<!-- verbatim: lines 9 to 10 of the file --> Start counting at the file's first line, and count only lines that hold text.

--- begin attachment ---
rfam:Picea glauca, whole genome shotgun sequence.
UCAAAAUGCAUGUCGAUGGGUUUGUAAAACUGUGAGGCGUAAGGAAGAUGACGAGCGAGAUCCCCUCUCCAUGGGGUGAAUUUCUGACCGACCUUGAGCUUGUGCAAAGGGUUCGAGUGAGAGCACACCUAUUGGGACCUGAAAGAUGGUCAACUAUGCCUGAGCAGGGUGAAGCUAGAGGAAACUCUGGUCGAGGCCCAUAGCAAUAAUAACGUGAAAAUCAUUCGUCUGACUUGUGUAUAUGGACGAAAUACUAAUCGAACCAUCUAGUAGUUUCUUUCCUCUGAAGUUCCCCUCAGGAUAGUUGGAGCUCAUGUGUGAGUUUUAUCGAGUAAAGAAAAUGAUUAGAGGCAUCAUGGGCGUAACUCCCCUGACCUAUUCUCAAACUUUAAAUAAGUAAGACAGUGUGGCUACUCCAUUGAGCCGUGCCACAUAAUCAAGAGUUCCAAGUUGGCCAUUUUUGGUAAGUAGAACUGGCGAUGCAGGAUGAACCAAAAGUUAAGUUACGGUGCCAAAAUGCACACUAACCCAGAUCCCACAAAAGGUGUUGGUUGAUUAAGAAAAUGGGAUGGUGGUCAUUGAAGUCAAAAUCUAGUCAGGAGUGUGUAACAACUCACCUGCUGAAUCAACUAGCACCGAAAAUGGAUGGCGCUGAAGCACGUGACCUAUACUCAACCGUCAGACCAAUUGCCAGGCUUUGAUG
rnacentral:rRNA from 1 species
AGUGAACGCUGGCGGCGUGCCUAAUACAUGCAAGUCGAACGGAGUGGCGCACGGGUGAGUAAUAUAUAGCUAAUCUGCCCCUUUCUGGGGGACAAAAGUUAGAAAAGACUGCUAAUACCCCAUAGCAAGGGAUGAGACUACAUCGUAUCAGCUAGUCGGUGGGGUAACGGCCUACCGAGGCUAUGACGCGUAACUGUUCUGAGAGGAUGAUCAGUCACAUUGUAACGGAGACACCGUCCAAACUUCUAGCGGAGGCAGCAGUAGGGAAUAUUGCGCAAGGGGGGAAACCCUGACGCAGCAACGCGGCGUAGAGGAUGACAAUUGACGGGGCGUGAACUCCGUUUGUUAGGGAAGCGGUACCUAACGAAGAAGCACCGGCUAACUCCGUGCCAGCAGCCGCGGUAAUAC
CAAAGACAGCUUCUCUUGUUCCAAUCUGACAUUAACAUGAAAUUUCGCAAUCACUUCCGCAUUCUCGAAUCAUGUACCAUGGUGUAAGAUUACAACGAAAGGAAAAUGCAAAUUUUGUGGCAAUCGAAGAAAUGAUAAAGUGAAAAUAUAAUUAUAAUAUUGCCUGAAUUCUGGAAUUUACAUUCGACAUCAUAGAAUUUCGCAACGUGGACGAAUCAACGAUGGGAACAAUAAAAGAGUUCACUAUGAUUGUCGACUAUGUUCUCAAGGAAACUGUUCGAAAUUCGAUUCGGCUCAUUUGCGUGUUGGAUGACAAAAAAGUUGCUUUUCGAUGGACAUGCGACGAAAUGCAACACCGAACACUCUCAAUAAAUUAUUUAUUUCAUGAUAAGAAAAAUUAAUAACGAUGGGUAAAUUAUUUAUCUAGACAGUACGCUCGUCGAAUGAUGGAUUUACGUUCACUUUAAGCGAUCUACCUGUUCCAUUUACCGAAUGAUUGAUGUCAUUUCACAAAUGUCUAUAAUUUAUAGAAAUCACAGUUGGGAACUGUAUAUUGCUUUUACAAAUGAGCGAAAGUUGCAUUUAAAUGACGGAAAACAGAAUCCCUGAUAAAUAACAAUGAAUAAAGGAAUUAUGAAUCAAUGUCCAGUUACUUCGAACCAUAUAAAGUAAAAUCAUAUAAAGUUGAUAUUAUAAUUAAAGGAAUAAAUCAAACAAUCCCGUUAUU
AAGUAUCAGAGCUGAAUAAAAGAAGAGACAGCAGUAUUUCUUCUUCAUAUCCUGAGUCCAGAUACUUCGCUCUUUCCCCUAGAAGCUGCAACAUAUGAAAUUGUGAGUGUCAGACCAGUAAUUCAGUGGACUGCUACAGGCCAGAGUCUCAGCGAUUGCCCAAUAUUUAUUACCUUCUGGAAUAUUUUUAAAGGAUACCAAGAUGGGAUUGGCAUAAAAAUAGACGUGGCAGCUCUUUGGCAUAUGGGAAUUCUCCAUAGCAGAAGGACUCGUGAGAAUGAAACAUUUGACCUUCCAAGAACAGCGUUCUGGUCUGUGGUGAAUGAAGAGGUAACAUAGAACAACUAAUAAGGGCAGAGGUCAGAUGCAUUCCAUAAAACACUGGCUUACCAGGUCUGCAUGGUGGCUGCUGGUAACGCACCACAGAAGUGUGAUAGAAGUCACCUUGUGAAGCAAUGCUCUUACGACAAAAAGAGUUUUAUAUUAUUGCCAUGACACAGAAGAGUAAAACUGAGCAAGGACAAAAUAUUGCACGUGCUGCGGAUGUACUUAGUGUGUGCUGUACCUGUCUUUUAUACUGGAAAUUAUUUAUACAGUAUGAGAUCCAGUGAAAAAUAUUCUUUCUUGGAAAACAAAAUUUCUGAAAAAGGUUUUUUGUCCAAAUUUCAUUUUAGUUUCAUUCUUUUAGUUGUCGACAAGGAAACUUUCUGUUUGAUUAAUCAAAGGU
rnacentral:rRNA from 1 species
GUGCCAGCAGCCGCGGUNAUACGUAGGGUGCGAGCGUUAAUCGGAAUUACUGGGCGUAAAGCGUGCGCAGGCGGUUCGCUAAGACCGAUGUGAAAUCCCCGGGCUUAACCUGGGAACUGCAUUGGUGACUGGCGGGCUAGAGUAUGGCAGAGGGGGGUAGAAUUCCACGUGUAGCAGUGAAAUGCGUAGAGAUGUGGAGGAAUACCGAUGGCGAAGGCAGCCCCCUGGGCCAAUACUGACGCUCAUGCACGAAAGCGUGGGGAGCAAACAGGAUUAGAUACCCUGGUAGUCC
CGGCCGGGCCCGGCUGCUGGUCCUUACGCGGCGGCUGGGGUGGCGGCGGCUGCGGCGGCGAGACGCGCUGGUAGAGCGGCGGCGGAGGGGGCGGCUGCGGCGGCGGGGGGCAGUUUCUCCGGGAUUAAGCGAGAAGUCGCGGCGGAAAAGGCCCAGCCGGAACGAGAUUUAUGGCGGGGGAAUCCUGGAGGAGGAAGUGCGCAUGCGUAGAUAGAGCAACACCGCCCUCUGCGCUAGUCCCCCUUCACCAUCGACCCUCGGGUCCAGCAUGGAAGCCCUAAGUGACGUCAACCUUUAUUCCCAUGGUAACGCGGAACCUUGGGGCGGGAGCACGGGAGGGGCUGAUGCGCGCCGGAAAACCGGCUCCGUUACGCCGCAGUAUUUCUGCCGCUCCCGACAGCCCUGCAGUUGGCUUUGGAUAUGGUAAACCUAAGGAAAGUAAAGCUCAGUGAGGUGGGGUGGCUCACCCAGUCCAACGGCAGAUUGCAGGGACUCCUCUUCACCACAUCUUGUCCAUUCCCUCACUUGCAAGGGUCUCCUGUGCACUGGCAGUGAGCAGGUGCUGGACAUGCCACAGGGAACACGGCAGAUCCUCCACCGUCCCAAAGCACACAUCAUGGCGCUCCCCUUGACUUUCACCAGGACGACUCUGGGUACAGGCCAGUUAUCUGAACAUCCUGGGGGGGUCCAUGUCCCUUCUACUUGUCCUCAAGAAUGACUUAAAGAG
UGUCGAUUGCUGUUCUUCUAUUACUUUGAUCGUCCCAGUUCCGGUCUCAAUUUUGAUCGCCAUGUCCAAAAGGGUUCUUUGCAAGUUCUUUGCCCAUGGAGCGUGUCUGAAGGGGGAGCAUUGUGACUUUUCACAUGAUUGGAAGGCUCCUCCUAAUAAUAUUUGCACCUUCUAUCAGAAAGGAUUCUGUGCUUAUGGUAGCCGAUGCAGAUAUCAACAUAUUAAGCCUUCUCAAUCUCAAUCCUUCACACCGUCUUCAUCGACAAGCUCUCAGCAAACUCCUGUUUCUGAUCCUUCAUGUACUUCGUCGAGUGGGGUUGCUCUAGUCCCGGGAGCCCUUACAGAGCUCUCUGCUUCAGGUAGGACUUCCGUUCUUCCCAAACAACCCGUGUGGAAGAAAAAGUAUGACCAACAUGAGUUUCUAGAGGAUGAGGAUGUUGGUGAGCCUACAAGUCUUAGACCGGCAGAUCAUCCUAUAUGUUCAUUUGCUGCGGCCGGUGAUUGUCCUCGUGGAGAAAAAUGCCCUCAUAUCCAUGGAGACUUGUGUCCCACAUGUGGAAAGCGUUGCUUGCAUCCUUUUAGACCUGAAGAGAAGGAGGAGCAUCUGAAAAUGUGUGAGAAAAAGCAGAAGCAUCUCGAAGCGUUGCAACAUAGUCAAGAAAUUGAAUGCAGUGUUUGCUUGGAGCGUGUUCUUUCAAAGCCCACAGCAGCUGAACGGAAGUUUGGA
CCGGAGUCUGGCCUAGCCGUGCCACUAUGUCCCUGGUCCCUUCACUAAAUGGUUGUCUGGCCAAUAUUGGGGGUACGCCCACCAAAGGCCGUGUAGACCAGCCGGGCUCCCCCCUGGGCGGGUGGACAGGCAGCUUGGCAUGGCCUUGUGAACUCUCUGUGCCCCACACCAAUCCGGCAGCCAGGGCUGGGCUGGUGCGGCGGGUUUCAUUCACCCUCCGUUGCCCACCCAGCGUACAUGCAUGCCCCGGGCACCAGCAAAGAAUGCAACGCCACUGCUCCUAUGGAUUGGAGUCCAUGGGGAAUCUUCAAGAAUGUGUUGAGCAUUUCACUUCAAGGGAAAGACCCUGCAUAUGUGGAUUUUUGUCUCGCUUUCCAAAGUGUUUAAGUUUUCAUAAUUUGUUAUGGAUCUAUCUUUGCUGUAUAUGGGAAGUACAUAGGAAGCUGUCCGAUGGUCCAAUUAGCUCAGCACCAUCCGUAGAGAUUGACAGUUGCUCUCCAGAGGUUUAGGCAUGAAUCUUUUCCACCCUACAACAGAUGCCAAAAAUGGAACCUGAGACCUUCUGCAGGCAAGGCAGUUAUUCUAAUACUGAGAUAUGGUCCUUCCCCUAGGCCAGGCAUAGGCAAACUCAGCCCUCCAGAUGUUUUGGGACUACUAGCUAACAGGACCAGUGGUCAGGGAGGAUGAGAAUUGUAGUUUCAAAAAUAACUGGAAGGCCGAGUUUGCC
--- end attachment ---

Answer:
CGGCCGGGCCCGGCUGCUGGUCCUUACGCGGCGGCUGGGGUGGCGGCGGCUGCGGCGGCGAGACGCGCUGGUAGAGCGGCGGCGGAGGGGGCGGCUGCGGCGGCGGGGGGCAGUUUCUCCGGGAUUAAGCGAGAAGUCGCGGCGGAAAAGGCCCAGCCGGAACGAGAUUUAUGGCGGGGGAAUCCUGGAGGAGGAAGUGCGCAUGCGUAGAUAGAGCAACACCGCCCUCUGCGCUAGUCCCCCUUCACCAUCGACCCUCGGGUCCAGCAUGGAAGCCCUAAGUGACGUCAACCUUUAUUCCCAUGGUAACGCGGAACCUUGGGGCGGGAGCACGGGAGGGGCUGAUGCGCGCCGGAAAACCGGCUCCGUUACGCCGCAGUAUUUCUGCCGCUCCCGACAGCCCUGCAGUUGGCUUUGGAUAUGGUAAACCUAAGGAAAGUAAAGCUCAGUGAGGUGGGGUGGCUCACCCAGUCCAACGGCAGAUUGCAGGGACUCCUCUUCACCACAUCUUGUCCAUUCCCUCACUUGCAAGGGUCUCCUGUGCACUGGCAGUGAGCAGGUGCUGGACAUGCCACAGGGAACACGGCAGAUCCUCCACCGUCCCAAAGCACACAUCAUGGCGCUCCCCUUGACUUUCACCAGGACGACUCUGGGUACAGGCCAGUUAUCUGAACAUCCUGGGGGGGUCCAUGUCCCUUCUACUUGUCCUCAAGAAUGACUUAAAGAG
UGUCGAUUGCUGUUCUUCUAUUACUUUGAUCGUCCCAGUUCCGGUCUCAAUUUUGAUCGCCAUGUCCAAAAGGGUUCUUUGCAAGUUCUUUGCCCAUGGAGCGUGUCUGAAGGGGGAGCAUUGUGACUUUUCACAUGAUUGGAAGGCUCCUCCUAAUAAUAUUUGCACCUUCUAUCAGAAAGGAUUCUGUGCUUAUGGUAGCCGAUGCAGAUAUCAACAUAUUAAGCCUUCUCAAUCUCAAUCCUUCACACCGUCUUCAUCGACAAGCUCUCAGCAAACUCCUGUUUCUGAUCCUUCAUGUACUUCGUCGAGUGGGGUUGCUCUAGUCCCGGGAGCCCUUACAGAGCUCUCUGCUUCAGGUAGGACUUCCGUUCUUCCCAAACAACCCGUGUGGAAGAAAAAGUAUGACCAACAUGAGUUUCUAGAGGAUGAGGAUGUUGGUGAGCCUACAAGUCUUAGACCGGCAGAUCAUCCUAUAUGUUCAUUUGCUGCGGCCGGUGAUUGUCCUCGUGGAGAAAAAUGCCCUCAUAUCCAUGGAGACUUGUGUCCCACAUGUGGAAAGCGUUGCUUGCAUCCUUUUAGACCUGAAGAGAAGGAGGAGCAUCUGAAAAUGUGUGAGAAAAAGCAGAAGCAUCUCGAAGCGUUGCAACAUAGUCAAGAAAUUGAAUGCAGUGUUUGCUUGGAGCGUGUUCUUUCAAAGCCCACAGCAGCUGAACGGAAGUUUGGA